كول صلي آ حب…و كول (Eat, Pray, Love…and Eat!)

One of the many things I admire and love about author Elizabeth Gilbert— particularly in Eat, Pray, Love— is her ability to write about really profound experiences and transformations in a self-aware (without the deprecation), funny, and profound way. There’s no preaching, and the writing is just so damn good you keep reading and absorbing vast amounts of information without feeling like you’re in science class. She’s a master at the art of crafting a story out of life (which, after attempting to do in this blog for 2.5 years, I can assure you is nothing short of neuroscience). Yep, it’s just you and your new hip BFF Liz chatting about ashrams in India and striking a balance within your life…all while gorging on a massive dish of fresh mozzarella and succulent olives. A novel about the latter two edible items would be Pulitzer material on it’s own, in my opinion, but Glibert reaches for the stars and goes beyond just satisfying the stomach.

…as did Morocco. Over the past 2.5 years, I’ve my own experiences with eating, praying, and loving (and eating) here in Morocco. Now, a little over 1 week into America and officially an RPCV (returned Peace Corps volunteer), I’m still searching for the right way to present it in written or any other type of form. My Arabic was comically inadequate for expressing anything beyond “I sad to leave! Yes, very!” to my fellow Moroccans, and, even in English,  someone who hasn’t been here in my brain for the duration won’t have the context to fill in the gaps. SO. I figured I would send out this thank-you letter to the universe in hopes that positive energy not only exists, but that it will be able to find its way to the people who have changed my life during my time here in Morocco. This is also a way to express on my own terms to the world what Morocco has meant to me. And don’t worry— food gets its own section.


Thank you, Morocco, for teaching me patience. You are a country that is too post-modern (post-something, at least) to be concerned with a task like waiting in a line. How in-the-box! You have revealed to me the delicious half-day adventure that is delivering a letter to the post office. I had no idea such an activity involved tea at a stranger’s house and politely dodging curbside conversion attempts. Whenever I would get frustrated in my huffy little American way about time, you would laugh at me. “Hey, Ms. Art Degree, when are you going to get creative? What is time, anyways– didn’t you do a performance piece on that?” My hours waiting for students to show up to classes turned into good ol’ fashioned thinking time. I’ve spent the better half of a day contemplating donkey unions and the gender-dynamics of coffee shops. Whenever I would get too carried away in the outcomes of projects, you would send me gentle reminders (or punches to the gut) about how important the process is rather than, well, whatever it is I thought was so important. Numbers? Statistics? Oh, Morocco, that’s not what you want me to learn or remember about my time here. You’ve encouraged me to sip my coffee, savor my food, ask the extra questions, read the additional chapter, and soak in the hours of doing nothing. That part in EPL where Liz sits down with an Italian newspaper (and a massive breakfast) every morning and has the time to read it in its entirety while circling and learning new words? That’s me, minus understanding the Arabic written in newspapers. I believe in Italy it’s called la dolce fare niente— the art of doing nothing. Here in Morocco, there’s no expression for it. “It” is the nature of existence in itself.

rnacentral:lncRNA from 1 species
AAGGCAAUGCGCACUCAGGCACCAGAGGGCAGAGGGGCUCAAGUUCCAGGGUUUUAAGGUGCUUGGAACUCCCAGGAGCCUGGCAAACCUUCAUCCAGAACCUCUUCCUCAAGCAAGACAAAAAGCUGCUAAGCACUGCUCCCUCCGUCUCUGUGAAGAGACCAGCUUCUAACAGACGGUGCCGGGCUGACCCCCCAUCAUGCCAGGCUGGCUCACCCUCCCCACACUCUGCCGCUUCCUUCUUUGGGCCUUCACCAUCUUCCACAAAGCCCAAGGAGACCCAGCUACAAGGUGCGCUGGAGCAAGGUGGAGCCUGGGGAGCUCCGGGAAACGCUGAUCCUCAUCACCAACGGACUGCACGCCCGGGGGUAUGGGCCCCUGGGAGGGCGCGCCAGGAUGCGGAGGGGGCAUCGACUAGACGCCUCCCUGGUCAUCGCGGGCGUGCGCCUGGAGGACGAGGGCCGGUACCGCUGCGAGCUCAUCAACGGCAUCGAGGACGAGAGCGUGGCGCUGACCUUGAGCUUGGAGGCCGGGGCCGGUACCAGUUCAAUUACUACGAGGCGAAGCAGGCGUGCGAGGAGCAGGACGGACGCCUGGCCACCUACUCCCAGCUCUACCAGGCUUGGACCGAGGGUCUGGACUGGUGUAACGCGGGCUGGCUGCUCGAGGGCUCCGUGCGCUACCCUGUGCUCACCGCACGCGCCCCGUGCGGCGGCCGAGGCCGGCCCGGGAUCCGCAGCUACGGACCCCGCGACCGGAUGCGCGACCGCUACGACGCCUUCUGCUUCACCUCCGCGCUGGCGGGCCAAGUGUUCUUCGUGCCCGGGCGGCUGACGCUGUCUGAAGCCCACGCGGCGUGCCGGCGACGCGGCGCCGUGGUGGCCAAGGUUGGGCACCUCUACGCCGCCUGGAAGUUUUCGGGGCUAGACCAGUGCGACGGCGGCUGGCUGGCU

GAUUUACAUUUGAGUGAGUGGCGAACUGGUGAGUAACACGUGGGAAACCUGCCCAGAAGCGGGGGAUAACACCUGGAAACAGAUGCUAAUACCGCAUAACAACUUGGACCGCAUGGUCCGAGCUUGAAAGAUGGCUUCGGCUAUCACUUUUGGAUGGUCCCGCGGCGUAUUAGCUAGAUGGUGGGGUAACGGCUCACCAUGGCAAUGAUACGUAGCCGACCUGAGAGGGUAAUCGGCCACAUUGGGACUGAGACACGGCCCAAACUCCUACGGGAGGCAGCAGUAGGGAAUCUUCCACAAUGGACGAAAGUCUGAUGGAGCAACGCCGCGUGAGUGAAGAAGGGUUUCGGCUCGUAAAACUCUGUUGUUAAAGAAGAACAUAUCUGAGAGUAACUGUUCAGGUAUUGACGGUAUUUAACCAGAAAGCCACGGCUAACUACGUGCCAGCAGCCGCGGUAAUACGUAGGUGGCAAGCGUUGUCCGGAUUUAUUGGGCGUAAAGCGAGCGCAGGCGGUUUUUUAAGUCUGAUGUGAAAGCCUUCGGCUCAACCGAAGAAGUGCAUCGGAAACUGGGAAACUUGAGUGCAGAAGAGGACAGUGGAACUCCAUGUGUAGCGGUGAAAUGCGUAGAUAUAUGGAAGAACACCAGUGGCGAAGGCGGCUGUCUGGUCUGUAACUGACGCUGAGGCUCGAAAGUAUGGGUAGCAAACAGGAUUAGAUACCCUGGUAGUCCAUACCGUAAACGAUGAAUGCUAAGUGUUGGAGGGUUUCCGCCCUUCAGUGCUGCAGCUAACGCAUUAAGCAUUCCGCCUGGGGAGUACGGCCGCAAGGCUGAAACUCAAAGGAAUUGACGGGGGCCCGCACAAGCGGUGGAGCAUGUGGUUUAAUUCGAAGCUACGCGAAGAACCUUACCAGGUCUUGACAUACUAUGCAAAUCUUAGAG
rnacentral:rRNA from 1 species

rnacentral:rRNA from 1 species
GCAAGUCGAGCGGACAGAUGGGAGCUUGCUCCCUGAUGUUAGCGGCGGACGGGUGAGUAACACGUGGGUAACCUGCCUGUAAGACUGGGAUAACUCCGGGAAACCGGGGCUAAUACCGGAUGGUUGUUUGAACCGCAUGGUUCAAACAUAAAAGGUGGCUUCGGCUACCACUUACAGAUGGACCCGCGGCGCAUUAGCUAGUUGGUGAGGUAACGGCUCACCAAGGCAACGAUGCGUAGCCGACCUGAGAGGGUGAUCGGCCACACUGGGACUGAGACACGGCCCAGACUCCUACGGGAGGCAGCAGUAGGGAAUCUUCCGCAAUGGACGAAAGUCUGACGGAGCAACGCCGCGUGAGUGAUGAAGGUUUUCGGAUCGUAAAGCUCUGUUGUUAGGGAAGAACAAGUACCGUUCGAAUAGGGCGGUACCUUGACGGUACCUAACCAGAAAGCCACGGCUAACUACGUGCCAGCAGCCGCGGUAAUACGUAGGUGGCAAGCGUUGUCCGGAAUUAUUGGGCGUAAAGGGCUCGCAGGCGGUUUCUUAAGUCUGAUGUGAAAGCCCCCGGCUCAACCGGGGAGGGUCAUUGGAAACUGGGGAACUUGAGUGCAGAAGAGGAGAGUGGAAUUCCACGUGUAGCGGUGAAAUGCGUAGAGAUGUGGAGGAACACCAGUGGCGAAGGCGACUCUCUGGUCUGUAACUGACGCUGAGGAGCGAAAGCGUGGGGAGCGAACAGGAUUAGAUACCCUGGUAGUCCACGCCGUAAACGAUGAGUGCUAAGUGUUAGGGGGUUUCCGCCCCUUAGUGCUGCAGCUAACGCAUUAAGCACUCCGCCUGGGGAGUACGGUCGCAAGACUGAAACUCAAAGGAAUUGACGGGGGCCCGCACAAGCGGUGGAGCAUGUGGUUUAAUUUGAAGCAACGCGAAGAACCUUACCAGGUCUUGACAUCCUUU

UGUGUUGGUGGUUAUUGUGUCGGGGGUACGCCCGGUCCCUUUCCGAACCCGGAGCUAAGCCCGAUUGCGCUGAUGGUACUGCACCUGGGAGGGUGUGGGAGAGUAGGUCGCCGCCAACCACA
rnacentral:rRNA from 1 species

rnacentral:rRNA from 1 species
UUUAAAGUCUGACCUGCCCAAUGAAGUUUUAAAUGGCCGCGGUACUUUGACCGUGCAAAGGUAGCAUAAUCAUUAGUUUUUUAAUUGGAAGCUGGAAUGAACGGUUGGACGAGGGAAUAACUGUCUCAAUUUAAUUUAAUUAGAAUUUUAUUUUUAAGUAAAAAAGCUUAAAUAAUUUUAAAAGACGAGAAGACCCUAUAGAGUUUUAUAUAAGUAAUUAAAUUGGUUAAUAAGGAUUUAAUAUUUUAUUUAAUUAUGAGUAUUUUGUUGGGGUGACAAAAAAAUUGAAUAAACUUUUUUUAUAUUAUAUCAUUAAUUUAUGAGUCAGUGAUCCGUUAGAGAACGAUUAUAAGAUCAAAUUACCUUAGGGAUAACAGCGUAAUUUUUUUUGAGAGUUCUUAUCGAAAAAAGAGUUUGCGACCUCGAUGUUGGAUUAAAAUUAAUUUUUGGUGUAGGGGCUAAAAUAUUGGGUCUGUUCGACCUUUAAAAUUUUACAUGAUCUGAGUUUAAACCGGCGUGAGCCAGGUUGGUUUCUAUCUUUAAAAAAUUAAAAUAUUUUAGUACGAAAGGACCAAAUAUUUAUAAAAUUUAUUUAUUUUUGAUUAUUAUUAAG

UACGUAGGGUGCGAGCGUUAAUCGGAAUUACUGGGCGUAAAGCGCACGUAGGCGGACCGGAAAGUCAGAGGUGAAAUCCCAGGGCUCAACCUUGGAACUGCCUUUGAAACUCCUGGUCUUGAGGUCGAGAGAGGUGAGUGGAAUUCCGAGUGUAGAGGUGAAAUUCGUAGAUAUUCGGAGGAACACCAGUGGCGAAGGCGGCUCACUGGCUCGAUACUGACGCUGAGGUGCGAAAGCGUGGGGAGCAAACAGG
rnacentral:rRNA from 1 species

Thank you, Morocco, for giving me so much delicious food! Fresh juices, savory and sweet tajines, hot couscous on Fridays, sweet chebekiya and dates for Ramadan, rich white harira in the mornings, rafisa as my new comfort food, an abundance of fruits and vegetables grown down the street from me, thick crusty bread baked every morning, meats and spices and dried goods…all at my fingertips (as they shove these delicious things into my mouth). There were also stomachs, brains, intestines, cows’ feet, liver, eyeballs, head, and tongue…never have I eaten so much non-mysterious meat in my life (brains and feet are pretty true to their assumed form). It’s not just delicious food, though, that I need to thank you for, Morocco—it’s tasty food and a culture that values taking time to prepare and enjoy it. When else will I essentially have a mandated 2-3 hour lunch break daily? And the encouragement to finish up the last bit of my second breakfast? Morocco, you may have nurtured my soul, sure, but there is absolutely no question about my body.

Thank you, Morocco, for your complexity. Studying Buddhism in college taught me the basics of labels, the constructs we use to identify and categorize that actually, in fact, limit their inherent complexity. Preach, brotha Buddha. The worst question someone can ask me about Morocco is “How was it?” I have to boil down the most ridiculous 2.5 years of my life into a simple adjective. I can use the word “good” and be just as equally descriptive (and still honor the essence of my time in Morocco) if I instead say “horrible.” It was a waste if time, but it was also the best decision I made in my life. It was a hopeless glimpse into the world of development and international aid that, paradoxically, has given me a lot of hope. It made me cringe at organized religion while somehow renewing my interest in it. It was the best of times, it was the w….alright, you get it. I’d like to say that these (upwards of 50) shades of gray have made me a little more empathetic, a little less quick to make snap judgements about the things I think I know. Morocco is quite “in-between” right now: in between Europe and Africa, in between the internet and the mountains, in between Arab and Berber, in between education and unemployment, in between religion and secularism…it’s an interesting time to be in this awakening country.